In this case, we see no evidence that the officers either violated the Fourth Amendment or threatened to do so prior to the point when they entered the apartment.

Officer Cobb testified without contradiction that the officers “banged on the door as loud as [they] could” and announced either “‘Police, police, police’” or “‘This is the police.’” App. 22–23. This conduct was entirely consistent with the Fourth Amendment, and we are aware of no other evidence that might show that the officers either violated the Fourth Amendment or threatened to do so (for example, by announcing that they would break down the door if the occupants did not open the door voluntarily).

Respondent argues that the officers “demanded” entry to the apartment, but he has not pointed to any evidence in the record that supports this assertion. He relies on a passing statement made by the trial court in its opinion denying respondent’s motion to suppress. See App. to Pet. for Cert. 3a–4a. In recounting the events that preceded the search, the judge wrote that the officers “banged on the door of the apartment on the back left of the breezeway identifying themselves as police officers and demanding that the door be opened by the persons inside.” Ibid. (emphasis added and deleted). However, at a later point in this opinion, the judge stated that the officers “initially knock[ed] on the door of the apartment unit and await[ed] the response or consensual entry.” Id., at 9a. This later statement is consistent with the testimony at the suppression hearing and with the findings of the state appellate courts. See 302 S. W. 3d, at 651 (The officers “knocked loudly on the back left apartment door and announced ‘police’”); App. to Pet. for Cert. 14a (The officers “knock[ed] on the door and announc[ed] themselves as police”); App.22–24. There is no evidence of a “demand” of any sort, much less a demand that amounts to a threat to violate the Fourth Amendment. If there is contradictory evidence that has not been brought to our attention, the state court may elect to address that matter on remand.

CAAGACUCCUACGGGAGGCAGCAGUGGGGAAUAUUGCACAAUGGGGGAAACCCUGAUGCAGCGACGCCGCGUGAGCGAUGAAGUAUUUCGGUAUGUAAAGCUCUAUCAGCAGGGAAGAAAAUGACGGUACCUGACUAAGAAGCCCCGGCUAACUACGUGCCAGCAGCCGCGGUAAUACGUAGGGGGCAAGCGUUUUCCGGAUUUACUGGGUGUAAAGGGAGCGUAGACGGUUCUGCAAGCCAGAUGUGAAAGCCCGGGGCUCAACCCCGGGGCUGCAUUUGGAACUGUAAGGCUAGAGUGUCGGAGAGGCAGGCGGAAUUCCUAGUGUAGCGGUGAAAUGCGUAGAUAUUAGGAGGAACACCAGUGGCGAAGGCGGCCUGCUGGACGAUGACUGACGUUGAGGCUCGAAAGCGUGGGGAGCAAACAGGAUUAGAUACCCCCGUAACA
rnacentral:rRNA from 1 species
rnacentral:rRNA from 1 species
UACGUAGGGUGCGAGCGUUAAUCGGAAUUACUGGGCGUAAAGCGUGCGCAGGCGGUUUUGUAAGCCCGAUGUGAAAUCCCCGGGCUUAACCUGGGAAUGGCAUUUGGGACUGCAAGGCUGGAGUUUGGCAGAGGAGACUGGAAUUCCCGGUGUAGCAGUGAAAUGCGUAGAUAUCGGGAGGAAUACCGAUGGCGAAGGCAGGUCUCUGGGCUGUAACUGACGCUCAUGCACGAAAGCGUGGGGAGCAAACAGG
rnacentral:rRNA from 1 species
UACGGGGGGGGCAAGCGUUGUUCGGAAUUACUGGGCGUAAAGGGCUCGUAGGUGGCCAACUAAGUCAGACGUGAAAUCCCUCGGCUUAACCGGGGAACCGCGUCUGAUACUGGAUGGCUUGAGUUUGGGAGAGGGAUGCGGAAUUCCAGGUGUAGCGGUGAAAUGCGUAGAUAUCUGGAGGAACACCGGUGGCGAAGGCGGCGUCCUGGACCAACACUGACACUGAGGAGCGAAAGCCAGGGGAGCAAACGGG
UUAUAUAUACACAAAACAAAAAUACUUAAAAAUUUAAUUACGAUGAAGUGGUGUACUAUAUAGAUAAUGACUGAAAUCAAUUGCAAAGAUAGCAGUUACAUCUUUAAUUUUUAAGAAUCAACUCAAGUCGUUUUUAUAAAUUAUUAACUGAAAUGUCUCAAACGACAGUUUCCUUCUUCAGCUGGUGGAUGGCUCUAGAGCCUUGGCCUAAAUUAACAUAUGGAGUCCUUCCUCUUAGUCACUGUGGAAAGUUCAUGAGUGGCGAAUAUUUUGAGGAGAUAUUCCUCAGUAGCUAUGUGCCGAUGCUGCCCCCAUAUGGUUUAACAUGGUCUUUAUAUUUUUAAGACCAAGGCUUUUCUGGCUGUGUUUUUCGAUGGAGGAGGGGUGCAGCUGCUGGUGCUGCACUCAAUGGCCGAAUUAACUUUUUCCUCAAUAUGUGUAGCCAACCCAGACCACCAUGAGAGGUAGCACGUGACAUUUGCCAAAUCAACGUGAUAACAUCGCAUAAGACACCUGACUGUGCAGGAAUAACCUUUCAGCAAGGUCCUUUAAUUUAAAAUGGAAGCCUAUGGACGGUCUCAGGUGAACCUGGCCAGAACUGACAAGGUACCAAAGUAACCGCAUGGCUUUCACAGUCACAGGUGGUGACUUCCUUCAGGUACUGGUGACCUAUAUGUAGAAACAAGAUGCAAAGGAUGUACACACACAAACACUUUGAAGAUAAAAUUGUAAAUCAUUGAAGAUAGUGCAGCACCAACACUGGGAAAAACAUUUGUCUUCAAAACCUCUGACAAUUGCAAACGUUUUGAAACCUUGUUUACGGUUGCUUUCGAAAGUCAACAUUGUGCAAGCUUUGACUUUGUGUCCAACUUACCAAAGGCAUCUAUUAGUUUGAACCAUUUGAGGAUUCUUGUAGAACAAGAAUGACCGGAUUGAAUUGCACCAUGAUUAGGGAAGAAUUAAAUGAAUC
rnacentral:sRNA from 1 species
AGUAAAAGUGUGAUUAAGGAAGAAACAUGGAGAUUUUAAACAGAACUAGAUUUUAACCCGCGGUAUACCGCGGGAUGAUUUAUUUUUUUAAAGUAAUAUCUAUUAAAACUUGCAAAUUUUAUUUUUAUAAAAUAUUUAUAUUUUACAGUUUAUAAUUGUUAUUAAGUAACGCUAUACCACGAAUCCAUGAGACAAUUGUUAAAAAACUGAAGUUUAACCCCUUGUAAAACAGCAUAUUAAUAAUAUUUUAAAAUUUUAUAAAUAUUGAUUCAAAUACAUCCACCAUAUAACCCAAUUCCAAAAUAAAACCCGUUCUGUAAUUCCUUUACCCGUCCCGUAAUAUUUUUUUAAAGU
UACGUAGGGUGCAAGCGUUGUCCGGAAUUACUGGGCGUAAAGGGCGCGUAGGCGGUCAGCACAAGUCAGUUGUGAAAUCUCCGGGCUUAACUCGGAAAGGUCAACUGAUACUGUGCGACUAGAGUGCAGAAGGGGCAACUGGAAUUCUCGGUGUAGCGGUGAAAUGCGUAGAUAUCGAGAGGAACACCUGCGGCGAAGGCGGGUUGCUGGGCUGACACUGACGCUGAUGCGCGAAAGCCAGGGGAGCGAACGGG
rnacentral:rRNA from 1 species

Finally, respondent claims that the officers “explained to[the occupants that the officers] were going to make entry inside the apartment,” id., at 24, but the record is clear that the officers did not make this statement until after the exigency arose. As Officer Cobb testified, the officers “knew that there was possibly something that was going to be destroyed inside the apartment,” and “[a]t that point, . . . [they] explained . . . [that they] were going to make entry.” Ibid. (emphasis added). Given that this announcement was made after the exigency arose, it could not have created the exigency.

* * *

Like the court below, we assume for purposes of argument that an exigency existed. Because the officers in this case did not violate or threaten to violate the Fourth Amendment prior to the exigency, we hold that the exigency justified the warrantless search of the apartment. The judgment of the Kentucky Supreme Court is reversed, and the case is remanded for further proceedings not inconsistent with this opinion.

It is so ordered.